Japanese airbag maker Takata has been under massive amounts of pressure to issue a nationwide recall to fix its faulty airbags, which affects more than 14 million cars. Takata was adamant that the problem occured only in high-humidity states, like Florida, but NHTSA just ordered them to go nationwide.

This will be a massive recall, with reverberations across the industry.

Takata didn't really have much choice in the matter, as it turns out. Last week, the National Highway Transportation Safety Administration gave the company an ultimatum – recall all the airbags, everywhere in the United States, or face consequences.


The deadline was set for this morning.

Said consequences weren't exactly clear, given the little power for extracting real corporate blood that NHTSA has, but the promised legal action and civil penalties were definitely not good. Combined with the ensuing public fallout from the fact that Takata's airbags killed people, Takata knew about it, and then reportedly covered it up, you had a looming storm of a massive hit to the company.


When Japanese regulators announced that they weren't even giving Takata the option of taking a huge legal hit instead of switching out the potentially deadly airbags, it became apparent that the company would be forced to do the same in the US.

Up until today, Takata had to tried to limit the recall to Florida, Hawaii, Puerto Rico and the Virgin Islands, and expanding it nationwide would be incredibly expensive for the company. But the absurdity of only recalling cars in Florida, when humidity is a condition that exists over vast swaths of the continental US, was plainly ridiculous. Not to mention the reality that cars in those places could eventually be sold elsewhere by their original owners.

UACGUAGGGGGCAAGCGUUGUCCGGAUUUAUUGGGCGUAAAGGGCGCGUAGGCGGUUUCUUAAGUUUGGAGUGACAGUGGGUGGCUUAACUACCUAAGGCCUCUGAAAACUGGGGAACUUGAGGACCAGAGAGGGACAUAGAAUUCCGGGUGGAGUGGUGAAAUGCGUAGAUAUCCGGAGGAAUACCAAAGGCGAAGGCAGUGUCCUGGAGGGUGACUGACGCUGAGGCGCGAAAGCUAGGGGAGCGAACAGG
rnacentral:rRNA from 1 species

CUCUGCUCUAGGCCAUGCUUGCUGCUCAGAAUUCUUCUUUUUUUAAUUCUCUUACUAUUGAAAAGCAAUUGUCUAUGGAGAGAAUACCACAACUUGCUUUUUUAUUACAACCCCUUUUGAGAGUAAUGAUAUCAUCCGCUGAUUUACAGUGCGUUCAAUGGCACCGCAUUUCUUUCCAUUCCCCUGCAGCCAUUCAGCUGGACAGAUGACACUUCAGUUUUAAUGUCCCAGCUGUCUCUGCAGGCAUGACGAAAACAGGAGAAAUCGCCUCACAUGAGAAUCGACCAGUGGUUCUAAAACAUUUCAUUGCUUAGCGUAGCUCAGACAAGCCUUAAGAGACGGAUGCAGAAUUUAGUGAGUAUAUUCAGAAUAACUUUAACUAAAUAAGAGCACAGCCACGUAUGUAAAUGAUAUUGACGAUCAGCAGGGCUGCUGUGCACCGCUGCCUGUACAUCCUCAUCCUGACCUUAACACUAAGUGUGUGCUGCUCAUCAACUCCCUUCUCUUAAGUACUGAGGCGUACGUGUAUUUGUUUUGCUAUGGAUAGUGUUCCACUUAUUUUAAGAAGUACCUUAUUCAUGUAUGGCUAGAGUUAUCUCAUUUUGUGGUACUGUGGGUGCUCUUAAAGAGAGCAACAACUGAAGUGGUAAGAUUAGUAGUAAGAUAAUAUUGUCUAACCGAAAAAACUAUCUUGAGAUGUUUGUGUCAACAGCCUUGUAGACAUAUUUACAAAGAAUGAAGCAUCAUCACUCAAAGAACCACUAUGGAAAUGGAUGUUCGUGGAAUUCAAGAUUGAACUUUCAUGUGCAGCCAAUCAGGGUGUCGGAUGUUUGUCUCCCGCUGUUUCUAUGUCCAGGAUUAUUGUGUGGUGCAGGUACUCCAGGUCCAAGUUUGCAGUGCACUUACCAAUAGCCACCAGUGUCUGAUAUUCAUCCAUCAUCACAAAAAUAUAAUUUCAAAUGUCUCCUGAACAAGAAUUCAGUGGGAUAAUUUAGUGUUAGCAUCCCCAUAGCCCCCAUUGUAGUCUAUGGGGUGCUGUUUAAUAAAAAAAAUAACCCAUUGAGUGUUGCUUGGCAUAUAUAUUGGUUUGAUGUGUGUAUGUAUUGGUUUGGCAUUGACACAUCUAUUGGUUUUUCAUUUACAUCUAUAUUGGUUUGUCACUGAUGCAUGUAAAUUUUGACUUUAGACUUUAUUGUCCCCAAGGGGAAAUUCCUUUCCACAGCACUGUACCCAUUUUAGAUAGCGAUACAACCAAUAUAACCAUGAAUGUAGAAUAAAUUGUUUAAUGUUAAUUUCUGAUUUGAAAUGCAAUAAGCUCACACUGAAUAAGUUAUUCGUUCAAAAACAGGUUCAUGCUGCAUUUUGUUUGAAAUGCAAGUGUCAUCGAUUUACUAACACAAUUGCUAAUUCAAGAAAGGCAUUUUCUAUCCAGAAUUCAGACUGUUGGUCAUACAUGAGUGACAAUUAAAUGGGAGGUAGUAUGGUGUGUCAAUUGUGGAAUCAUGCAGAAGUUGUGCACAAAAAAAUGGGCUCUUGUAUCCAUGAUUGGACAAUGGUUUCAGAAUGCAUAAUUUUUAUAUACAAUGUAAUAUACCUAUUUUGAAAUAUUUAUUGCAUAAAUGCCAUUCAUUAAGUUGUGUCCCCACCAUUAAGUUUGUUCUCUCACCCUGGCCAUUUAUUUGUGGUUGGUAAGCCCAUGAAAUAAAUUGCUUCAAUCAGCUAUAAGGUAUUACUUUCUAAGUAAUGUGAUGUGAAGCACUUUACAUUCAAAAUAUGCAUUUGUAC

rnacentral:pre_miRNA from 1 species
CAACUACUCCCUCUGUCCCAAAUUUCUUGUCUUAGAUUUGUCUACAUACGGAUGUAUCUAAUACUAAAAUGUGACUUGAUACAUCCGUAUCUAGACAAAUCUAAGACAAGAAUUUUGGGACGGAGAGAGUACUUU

We don't have any hard numbers yet on what this will cost Takata, but when we do, we'll find out.


Takata airbags have already been linked to four deaths and over 30 injuries, and possibly many more than that. They're not the only ones to walk away smarting from this, either, as the Feds have been scrutinizing automakers a lot more closely in general since this all started. Honda, for instance, was found to have underreported 1,729 claims of injuries or death, and the government has been putting the heat on Chrysler, too.

We can only hope that it's enough.

(Though it probably won't be.)


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